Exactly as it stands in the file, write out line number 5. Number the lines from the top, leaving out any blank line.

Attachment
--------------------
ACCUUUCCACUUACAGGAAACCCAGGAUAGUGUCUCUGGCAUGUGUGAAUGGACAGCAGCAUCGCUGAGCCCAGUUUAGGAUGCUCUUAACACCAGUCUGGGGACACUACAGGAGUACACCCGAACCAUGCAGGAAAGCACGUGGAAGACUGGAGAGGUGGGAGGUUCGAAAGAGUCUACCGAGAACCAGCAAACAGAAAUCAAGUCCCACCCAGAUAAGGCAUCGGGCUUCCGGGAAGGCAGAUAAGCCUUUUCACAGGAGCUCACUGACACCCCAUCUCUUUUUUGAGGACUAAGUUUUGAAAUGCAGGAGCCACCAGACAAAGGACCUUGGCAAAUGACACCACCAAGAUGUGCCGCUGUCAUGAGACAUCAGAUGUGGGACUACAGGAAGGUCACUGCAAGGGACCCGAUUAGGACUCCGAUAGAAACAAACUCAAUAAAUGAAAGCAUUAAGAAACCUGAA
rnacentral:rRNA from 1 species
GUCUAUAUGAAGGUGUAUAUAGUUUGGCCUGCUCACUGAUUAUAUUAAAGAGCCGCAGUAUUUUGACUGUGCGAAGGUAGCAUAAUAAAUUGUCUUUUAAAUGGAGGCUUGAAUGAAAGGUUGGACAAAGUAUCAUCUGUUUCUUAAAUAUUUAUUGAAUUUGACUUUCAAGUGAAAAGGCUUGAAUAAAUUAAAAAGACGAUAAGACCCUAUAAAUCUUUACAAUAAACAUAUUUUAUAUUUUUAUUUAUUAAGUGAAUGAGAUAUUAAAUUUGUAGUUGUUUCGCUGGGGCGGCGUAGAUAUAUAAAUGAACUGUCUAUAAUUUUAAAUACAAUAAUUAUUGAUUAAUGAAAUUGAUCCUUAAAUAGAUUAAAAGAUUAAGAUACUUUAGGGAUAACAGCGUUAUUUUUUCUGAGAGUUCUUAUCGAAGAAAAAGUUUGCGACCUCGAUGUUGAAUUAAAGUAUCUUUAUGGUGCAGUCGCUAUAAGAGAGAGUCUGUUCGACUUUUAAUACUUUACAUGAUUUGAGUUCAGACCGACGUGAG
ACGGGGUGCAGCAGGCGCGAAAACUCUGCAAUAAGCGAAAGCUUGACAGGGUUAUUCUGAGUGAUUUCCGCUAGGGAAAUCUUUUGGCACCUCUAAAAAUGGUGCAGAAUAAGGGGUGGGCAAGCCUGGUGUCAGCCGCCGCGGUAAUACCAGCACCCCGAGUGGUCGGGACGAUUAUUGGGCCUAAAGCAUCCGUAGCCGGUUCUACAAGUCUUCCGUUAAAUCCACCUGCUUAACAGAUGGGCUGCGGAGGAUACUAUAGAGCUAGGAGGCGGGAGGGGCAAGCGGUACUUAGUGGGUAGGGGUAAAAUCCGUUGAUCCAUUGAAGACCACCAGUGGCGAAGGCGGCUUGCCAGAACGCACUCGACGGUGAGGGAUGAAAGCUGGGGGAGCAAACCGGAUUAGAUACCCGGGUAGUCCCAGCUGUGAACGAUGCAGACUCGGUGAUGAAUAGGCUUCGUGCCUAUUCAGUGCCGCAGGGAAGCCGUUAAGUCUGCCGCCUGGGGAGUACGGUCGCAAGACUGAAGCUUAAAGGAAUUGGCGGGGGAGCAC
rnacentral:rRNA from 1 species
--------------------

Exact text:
rnacentral:rRNA from 1 species